In Economic crisis, Energy crisis, Europe

oilprice.com

By Irina Slav,

Published on Oilprice.com, Nov 3, 2022:

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The European Union has been quietly celebrating a consistent decline in gas and electricity consumption this year amid record-breaking prices, a cutoff of much of the Russian gas supply, and a liquidity crisis in the energy market.

Yet the cause for celebration is dubious: businesses are not just curbing their energy use and continuing on a business-as-usual basis. They are shutting down factories, downsizing, or relocating. Europe may well be on the way to deindustrialization.

That the European Union is heading for a recession is now quite clear to anyone watching the indicators. The latest there—eurozone manufacturing activity—fell to the lowest since May 2020.

The October reading for S&P Global’s PMI also signaled a looming recession, falling on the month and being the fourth monthly reading below 50—an indication of an economic contraction.

In perhaps worse news, however, German conglomerate BASF said last month it would permanently downside in its home country and expand in China. The announcement served as a blow to a government trying to juggle energy shortages with climate goals without extending the lives of nuclear power plants.

“The European chemical market has been growing only weakly for about a decade [and] the significant increase in natural gas and power prices over the course of this year is putting pressure on chemical value chains,” said BASF’s chief executive, Martin Brudermueller, as quoted by the FT, in late October.

Yet it is worth noting that the energy crisis was not the only reason for BASF’s plans to shrink its presence at home and grow abroad. Increasingly tighter EU regulation was also a factor behind this decision, Brudermueller said.

Other industries also seem to have problems with new EU regulations. The trade body for the steel and aluminum industries, which have also suffered significantly from the energy cost inflation, recently proposed that the EU takes a gradual approach with its new Cross-Border Adjustment Mechanism, also known as the import carbon tax.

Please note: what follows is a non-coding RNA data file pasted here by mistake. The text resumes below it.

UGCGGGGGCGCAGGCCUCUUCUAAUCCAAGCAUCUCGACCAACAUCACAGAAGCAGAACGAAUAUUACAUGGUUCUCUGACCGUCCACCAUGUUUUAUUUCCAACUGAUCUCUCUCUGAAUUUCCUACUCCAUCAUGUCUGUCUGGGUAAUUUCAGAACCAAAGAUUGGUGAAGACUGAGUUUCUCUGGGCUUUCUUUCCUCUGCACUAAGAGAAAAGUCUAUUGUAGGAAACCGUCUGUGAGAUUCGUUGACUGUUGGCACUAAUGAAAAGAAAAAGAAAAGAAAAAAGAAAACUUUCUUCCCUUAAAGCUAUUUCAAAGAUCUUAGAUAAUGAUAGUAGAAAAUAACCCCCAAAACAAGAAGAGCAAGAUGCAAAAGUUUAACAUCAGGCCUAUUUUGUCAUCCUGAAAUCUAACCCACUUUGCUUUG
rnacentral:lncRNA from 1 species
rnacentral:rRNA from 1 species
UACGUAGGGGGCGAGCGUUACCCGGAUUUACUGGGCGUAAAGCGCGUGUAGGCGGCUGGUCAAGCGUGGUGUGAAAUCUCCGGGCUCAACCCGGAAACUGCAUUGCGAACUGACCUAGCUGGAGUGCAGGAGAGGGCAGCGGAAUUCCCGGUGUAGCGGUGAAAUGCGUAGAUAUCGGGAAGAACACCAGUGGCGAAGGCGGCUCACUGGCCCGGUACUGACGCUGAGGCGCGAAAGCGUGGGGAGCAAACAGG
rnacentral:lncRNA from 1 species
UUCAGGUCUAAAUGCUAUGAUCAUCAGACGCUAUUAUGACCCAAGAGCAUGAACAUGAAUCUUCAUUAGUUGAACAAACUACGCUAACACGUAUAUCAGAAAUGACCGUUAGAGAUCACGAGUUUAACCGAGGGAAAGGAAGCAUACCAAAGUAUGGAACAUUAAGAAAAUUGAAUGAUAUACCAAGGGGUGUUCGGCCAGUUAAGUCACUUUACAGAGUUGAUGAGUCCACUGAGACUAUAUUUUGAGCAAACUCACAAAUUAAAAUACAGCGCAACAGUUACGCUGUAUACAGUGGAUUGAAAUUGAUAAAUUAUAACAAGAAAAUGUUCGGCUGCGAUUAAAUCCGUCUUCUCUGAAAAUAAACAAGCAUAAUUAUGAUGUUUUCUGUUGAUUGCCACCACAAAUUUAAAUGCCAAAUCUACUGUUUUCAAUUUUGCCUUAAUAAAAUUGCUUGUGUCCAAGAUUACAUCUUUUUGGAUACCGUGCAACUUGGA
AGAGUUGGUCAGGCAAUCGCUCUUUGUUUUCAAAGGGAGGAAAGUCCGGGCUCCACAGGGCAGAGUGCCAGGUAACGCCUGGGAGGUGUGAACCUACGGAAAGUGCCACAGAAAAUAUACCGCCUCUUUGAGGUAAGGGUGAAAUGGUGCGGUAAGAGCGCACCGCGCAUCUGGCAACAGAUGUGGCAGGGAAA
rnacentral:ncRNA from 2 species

The CBAM was conceived as a way of leveling the playing field for European industrial businesses subjected to strict emission regulation that makes its production costlier compared to the production of countries with laxer emission standards.

Yet it would also make important feedstock for the European steel and aluminum industries costlier, too, adding to the pain these industries are already feeling because they are also among the most energy-intensive ones.

A tenth of Europe’s crude steel production capacity has already been idled, according to estimates from Jefferies. All zinc smelters have curbed production, and some have shut down. Half of the primary aluminum production has shut down as well. And in fertilizers, 70 percent of factories have been idled because of the energy shortage.

Chemical plants are also curbing their activities, ferroalloy furnaces are going cold, and plastics and ceramics manufacturing is shrinking as well.

Some of these businesses might choose to eventually relocate to a place with cheaper and more widely available sources of energy, contributing to the deindustrialization process in Europe. As for the best candidate for this relocation, according to some observers, it is the United States, with its abundant gas reserves, rising production, and friendly investment climate.

Meanwhile, one thing has become crystal clear: reduced energy consumption in Europe’s industrial sectors is really no cause for celebration. If anything, it is a cause for concern and urgent action on the part of decision makers.

The gas price cap the EU agreed on recently might help a little, but since it is tied to lower consumption, it is not really a solution for businesses looking to stay in business. It is a life support system.

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